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While Charles Barber may have been the source for the 1909 and 1910 matte proofs that are known today, there are other suspects as well. The widow of Augustus Saint-Gaudens, Augusta, could have been the recipient of experimental coins. Another possible source is Henry Hering, Saint-Gaudens' assistant, and representative of the sculptor's interests during his life and after his death in August 1907. It is also not out of the realm of possibilities that they could have come from Saint-Gaudens' son, Homer. However, it seems most likely to us that the person who had the greatest influence (aside from the president) with mint officials was William Woodin.
Woodin had varied interests and was well connected in government circles. He is primarily known as a pattern collector and co-author with Edgar Adams of United States Pattern, Trial and Experimental Pieces in 1913. Woodin also purchased two unique $50 gold patterns of 1877 from the mysterious collection of William Idler for a reported $10,000. These pieces had allegedly been melted years before. He transferred these two patterns to the Mint Collection in exchange for several crates of duplicate patterns from the mint. In later years, after he wrote a musical composition entitled the 'Franklin D. Roosevelt March,' he was appointed Secretary of the Treasury and served a brief but memorable term. He was Secretary during the bank holiday when Roosevelt closed the banks and ended production of gold coins for circulation. (Much of the preceding information on Woodin was taken from Pete Smith's indispensable American Numismatic Biographies).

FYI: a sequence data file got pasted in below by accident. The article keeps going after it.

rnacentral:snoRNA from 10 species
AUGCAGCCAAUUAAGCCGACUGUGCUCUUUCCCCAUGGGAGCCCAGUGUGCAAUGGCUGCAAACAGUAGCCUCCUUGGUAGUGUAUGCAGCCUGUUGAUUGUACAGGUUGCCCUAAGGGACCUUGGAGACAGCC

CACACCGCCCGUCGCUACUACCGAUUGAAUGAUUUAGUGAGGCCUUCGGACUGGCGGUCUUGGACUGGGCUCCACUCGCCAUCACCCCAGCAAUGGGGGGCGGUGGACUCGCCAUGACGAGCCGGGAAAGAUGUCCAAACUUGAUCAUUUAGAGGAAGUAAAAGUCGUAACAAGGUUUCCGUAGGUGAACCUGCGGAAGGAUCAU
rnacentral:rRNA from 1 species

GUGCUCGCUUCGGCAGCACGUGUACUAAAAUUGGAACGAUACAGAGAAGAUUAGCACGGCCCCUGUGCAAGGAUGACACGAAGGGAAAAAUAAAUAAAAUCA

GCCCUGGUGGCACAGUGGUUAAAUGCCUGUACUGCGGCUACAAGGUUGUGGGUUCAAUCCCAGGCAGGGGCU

Even if William Woodin was not the source for the matte proof gold pieces from 1910, he certainly was influential in their striking. In a letter from Woodin to Assistant Treasury Secretary A. Piatt Andrew dated August 25, 1910, Woodin wrote:
'I certainly understand your position in regard to proof coin matters, but it seems to me that the difference between the dull proofs and the proofs that are now issued is so great and so obviously in favor of the dull proof coins, that I should think the Mint Dept. would be justified in making them, as certainly the most artistic results are desired for coins of this class that go into the hands of collectors.'
The Garrett-Guth Encyclopedia of U.S. Gold Coins states that the 1910 matte proof quarter eagle 'is part of the unique 1910 matte Proof gold set. The set was discovered by the author, Jeff Garrett, several years ago at a North Carolina convention.'
Description and Analysis courtesy of Heritage Auctions and may not be republished without written permission.
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